Chanel Miller’s memoir “Know My Name” will be included as one of this year’s Three Books, the University announced on Thursday in an email to incoming undergraduate students.
“Know My Name” was written by Miller after she was sexually assaulted in 2015 by former Stanford student Brock Turner, who was convicted of a felony.
Miller will also speak with students at the University’s New Student Orientation on Sept. 17, in keeping with the tradition of having authors of the books speak.
Last fall, a petition that called for the memoir to be distributed garnered 1,500 signatures. The University, however, did not choose to include it, sparking outrage within the Stanford community.
“It took a lot of time and energy, and Stanford should have done the right thing from the start, but it was worth it,” said comparative literature professor David Palumbo-Liu, who spearheaded both the petition and a Faculty Senate resolution supporting Miller alongside law professor Michele Dauber.
Stanford’s Three Books program is a yearly tradition, in which incoming frosh and transfer students are given selected texts to read over the summer, with the purpose of bringing students together for discussion.
“After consulting with numerous students and faculty on our campus, the Three Books selection committee deemed it important to share this powerful and profound work because this assault occurred on our campus by a former Stanford student,” wrote psychiatry, education and pediatrics professor Shashank Joshi in the email to students.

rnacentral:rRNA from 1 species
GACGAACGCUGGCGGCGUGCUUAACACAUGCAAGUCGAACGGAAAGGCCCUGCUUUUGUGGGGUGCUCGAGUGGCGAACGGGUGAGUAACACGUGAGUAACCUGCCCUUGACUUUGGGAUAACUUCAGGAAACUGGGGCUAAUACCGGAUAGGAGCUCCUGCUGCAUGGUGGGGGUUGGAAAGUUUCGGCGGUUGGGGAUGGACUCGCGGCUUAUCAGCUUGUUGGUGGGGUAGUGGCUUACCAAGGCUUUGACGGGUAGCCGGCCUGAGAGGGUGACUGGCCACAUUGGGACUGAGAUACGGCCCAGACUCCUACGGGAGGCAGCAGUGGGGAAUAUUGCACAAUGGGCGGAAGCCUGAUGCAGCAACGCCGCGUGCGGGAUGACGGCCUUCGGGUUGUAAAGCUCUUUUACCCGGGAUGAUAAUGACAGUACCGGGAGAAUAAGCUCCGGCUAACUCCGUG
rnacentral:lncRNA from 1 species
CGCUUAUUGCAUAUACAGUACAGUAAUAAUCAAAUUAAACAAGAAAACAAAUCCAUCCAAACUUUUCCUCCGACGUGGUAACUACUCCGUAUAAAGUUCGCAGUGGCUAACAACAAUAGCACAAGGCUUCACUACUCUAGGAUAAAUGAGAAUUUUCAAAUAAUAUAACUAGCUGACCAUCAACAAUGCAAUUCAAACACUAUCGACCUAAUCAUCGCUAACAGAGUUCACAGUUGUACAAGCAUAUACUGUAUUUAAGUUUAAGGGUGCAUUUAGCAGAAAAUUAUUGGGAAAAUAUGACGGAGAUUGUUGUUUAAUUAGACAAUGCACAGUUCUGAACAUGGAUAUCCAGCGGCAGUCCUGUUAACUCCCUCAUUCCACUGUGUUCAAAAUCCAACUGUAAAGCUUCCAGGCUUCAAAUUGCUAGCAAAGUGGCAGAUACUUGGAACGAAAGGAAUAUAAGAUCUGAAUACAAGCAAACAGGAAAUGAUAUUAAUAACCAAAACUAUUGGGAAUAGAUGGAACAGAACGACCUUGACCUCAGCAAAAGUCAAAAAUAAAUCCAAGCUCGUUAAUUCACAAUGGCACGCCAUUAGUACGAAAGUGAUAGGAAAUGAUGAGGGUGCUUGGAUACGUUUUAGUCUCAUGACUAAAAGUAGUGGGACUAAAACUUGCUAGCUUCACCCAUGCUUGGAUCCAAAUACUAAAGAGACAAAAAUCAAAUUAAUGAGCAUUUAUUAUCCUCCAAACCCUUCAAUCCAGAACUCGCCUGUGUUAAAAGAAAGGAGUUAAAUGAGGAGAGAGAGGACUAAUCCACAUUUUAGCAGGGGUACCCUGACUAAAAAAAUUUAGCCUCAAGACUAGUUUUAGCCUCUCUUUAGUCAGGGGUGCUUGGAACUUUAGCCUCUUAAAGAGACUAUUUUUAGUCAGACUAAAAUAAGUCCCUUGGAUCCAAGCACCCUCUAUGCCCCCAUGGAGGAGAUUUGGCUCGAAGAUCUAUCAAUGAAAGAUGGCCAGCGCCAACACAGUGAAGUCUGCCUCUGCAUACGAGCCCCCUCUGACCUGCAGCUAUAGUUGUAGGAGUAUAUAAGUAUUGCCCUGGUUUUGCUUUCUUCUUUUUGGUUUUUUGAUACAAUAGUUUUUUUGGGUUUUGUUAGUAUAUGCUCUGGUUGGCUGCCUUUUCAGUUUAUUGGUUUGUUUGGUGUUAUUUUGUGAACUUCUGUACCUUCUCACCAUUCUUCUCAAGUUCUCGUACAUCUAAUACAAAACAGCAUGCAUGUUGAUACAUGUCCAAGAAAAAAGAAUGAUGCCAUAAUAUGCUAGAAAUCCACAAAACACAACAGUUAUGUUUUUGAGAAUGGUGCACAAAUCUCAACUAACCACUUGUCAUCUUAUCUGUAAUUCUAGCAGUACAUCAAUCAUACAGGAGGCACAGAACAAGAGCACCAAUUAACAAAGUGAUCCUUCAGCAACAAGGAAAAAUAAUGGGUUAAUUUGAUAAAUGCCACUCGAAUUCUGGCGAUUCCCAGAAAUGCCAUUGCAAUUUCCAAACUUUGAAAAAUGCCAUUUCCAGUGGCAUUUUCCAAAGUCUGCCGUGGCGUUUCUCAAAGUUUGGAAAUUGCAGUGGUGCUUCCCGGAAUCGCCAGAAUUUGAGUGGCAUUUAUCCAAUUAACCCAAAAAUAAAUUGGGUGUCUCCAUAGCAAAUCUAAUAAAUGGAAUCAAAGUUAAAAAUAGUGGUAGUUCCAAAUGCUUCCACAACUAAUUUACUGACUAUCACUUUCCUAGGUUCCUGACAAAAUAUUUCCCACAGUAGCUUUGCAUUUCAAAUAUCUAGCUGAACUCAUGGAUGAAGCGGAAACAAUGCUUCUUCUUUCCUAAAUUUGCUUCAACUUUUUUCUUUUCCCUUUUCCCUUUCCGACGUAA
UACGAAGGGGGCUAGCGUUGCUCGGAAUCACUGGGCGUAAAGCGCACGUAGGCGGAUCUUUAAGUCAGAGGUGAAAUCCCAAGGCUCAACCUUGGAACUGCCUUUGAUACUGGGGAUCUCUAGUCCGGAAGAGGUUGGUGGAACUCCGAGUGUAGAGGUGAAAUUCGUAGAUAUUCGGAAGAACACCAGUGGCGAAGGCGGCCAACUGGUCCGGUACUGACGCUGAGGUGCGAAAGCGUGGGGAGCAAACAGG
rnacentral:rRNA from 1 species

Joshi, alongside a committee consisting of six other students, faculty and staff, decided on the theme “Perspective, Empathy and Hope” for this year’s Three Books. Historically, one faculty member determined the texts, but this year, the entire committee had a say in which books to distribute — ensuring that the voices of students and other University community members are heard.
The other two selections are “Educated” by Tara Westover, and a package of three digital works: Anna Deavere Smith’s “Notes From the Field: Doing Time in Education,” an episode of NPR’s Hidden Brain Series podcast and Chimamanda Ngozi Adichie’s TED Talk “Danger Of A Single Story.”